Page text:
But the narrator displays genuine capability for human empathy. He breaks into Genevieve’s home, not to steal, but in order to see the person behind the doctor who asks and does not tell, to gain access to the inner life that she will not reveal to him. Not knowing what she is like makes him almost incapable of stopping wondering: “this made me curious about her past, her childhood of snow and yellow schoolbuses, quiet green grass and Christmas lights, her Catholic school that forbade flames, cigarettes, and orgasms.” In the absence of a noble conception of what it is to be human, the narrator is willing to consider people at every level of their psyche. He sees little difference between probing their likes and dislikes and probing the intricacies of their sex lives. Without an idea of guilt, he does not see what there is to be ashamed of in something as natural as sex. After all, would the cockroaches keep their conquests secret?

While Samsa’s metamorphosis in Kafka is visible to all, only the narrator of Cockroach perceives himself to be cockroach-esque. Yet he is open with others about his insect form, just as he is comfortable in front of others in a human form that is frequently dirty or unwashed, covered by clothes that are torn, dirty and smelly. He is entirely at ease with his life, and at ease, too, with his desire for more. His social life is lively; the days that he spends in solitude neither worry nor trouble him. The object of his lust, Shohreh, a beautiful Iranian, responds to him easily, and they become lovers and friends.
Their encounters are fulfilling and beneficial, as they each open up about their pasts. And the narrator repeatedly proves himself most capable of providing comfort to another human, in a way that Genevieve could not. At one point, Shohreh tells him a story that has traumatized her. His reaction is gently understanding, yet direct. He assures her of his help. But he is also insightful and highly considerate of her mind-state: “Then we lay on our backs and we both looked up and pretended to fall sleep under the wooden ceiling and above the mattress, enveloped by smoke and the haze of our breathing.”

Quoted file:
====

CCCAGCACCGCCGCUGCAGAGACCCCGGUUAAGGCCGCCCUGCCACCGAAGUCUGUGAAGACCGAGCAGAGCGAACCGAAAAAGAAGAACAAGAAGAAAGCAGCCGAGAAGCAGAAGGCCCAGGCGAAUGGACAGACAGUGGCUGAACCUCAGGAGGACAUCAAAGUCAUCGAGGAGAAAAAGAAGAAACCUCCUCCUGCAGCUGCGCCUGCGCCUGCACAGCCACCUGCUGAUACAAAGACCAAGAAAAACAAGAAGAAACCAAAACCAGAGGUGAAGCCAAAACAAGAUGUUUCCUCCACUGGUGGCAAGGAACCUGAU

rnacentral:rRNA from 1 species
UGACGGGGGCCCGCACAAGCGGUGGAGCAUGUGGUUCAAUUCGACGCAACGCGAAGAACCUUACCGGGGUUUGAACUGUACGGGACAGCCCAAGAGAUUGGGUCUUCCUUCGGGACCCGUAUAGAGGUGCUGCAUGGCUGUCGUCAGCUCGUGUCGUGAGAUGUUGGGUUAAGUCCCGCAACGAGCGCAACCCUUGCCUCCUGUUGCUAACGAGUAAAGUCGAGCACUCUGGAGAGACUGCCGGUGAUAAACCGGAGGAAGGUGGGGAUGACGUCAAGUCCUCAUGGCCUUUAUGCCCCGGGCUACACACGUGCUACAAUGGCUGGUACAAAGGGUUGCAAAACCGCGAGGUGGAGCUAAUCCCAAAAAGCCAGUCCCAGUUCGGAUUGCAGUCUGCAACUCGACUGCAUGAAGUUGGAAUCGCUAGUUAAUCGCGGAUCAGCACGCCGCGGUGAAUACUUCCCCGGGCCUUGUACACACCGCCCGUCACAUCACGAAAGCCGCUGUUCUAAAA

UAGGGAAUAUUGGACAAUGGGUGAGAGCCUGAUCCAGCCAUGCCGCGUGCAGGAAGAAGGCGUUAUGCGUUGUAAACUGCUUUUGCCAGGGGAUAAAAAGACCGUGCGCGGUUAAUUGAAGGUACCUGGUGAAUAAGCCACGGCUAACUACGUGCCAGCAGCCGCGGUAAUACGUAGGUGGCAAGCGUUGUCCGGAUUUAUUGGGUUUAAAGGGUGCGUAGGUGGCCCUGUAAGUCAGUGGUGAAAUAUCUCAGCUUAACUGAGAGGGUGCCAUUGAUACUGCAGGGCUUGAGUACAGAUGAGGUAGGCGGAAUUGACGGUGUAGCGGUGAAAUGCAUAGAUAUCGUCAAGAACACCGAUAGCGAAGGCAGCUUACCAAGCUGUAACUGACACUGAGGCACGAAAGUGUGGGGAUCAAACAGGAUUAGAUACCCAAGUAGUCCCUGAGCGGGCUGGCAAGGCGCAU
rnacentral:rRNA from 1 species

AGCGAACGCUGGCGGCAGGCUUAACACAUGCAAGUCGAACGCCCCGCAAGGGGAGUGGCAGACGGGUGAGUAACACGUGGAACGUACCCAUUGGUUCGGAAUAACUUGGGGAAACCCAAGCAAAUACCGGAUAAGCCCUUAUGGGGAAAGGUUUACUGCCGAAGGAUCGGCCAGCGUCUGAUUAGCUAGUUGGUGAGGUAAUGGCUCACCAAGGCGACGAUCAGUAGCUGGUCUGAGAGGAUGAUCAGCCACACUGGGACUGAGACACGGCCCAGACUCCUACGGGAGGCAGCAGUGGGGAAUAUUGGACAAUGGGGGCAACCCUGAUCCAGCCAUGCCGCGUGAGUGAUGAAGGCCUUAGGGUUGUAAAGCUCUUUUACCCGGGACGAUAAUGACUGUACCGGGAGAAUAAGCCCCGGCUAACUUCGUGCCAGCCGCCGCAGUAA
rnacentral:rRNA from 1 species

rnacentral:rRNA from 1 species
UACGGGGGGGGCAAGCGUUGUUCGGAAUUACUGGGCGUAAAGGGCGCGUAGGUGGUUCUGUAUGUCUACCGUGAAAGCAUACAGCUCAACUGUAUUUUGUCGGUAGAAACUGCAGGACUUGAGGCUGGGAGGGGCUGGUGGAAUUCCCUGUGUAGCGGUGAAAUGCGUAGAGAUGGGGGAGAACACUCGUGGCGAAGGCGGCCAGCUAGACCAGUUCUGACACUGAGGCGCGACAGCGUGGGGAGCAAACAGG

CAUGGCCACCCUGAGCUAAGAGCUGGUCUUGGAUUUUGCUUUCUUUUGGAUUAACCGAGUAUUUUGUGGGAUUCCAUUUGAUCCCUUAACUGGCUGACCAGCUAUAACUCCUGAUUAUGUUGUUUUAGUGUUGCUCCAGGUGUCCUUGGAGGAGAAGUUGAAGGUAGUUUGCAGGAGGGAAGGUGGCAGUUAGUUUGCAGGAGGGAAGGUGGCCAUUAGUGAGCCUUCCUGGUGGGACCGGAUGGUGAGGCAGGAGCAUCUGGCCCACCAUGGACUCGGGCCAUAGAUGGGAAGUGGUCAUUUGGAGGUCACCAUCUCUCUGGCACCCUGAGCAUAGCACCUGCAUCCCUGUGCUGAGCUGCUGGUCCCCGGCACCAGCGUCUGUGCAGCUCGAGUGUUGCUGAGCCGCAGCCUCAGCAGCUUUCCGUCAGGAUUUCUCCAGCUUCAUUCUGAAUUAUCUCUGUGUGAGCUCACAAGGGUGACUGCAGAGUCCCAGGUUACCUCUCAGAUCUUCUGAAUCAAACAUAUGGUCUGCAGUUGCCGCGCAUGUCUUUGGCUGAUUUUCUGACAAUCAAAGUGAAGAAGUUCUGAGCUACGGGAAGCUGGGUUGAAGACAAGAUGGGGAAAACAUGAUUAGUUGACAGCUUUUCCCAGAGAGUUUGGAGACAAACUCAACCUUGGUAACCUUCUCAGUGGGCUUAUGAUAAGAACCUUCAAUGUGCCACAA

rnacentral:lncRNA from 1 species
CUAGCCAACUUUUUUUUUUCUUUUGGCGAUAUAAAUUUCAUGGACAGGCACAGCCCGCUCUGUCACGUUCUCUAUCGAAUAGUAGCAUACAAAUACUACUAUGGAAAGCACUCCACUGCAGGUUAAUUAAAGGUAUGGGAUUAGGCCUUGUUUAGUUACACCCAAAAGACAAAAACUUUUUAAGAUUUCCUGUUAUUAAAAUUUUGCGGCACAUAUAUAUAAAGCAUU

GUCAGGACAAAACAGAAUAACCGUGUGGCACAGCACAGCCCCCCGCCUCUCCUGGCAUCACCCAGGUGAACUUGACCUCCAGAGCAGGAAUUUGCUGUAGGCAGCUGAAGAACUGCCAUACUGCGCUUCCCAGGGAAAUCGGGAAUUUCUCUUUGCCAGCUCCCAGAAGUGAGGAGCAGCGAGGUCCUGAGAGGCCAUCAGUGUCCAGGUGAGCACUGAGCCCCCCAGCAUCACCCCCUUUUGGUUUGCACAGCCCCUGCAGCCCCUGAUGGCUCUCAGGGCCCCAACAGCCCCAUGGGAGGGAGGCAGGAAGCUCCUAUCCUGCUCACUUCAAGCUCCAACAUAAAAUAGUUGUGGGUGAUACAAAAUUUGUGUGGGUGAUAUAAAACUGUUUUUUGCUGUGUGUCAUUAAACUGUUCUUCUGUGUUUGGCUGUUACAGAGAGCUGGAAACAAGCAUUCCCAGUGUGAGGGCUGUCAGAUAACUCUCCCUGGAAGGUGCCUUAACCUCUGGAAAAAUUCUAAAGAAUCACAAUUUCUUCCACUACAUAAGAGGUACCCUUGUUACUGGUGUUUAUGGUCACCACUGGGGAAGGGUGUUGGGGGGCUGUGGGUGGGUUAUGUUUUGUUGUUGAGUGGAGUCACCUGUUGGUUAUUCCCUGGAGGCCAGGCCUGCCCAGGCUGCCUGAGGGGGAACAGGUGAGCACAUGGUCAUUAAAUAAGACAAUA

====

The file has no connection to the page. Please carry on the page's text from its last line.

Hage’s protagonist is self-absorbed in a way that Gregor Samsa can only dream of. Nothing that he says or does shames him; indeed, the very concept of shame does not seem to exist for him. He even tells Genevieve that he saw his boss’ teenage daughter “playing with herself,” to which she is, unsurprisingly, horrified. Yet one wonders if, rather than judging him as either immoral or amoral, he might simply be honest in situations where others might lie. It is to Hage’s credit that this protagonist encourages one to question social practices, as well as the morality of those who hide what they do not want known.

For instance, the narrator discovers that one of his acquaintances, an immigrant Parisian professor who enjoys belittling him for his destitute state, is in fact claiming the same social welfare. The narrator is shocked by his lies and his purposeful depiction of superiority. In a world where all humans are trapped by their pasts, the narrator’s method of escape seems better – cleaner, one might say – than the conventional immersion in things material. He lives dirtily, but professes his dirt. You begin to think that he might have a point when he claims: “maybe being human is being trapped.” Maybe being a cockroach is freedom, because it is honest.

Hage says the image of the cockroach appealed to him because “it’s the closest thing to the earth. It’s the closest thing to the underground. Somehow, it enters people’s places with ease. It’s functional and metaphoric at the same time.” It is the imaginary other self that affords the narrator to embrace what he is as a human, “Yes”, he says, “I am poor, I am vermin, a bug, I am at the bottom of the scale. But I still exist.”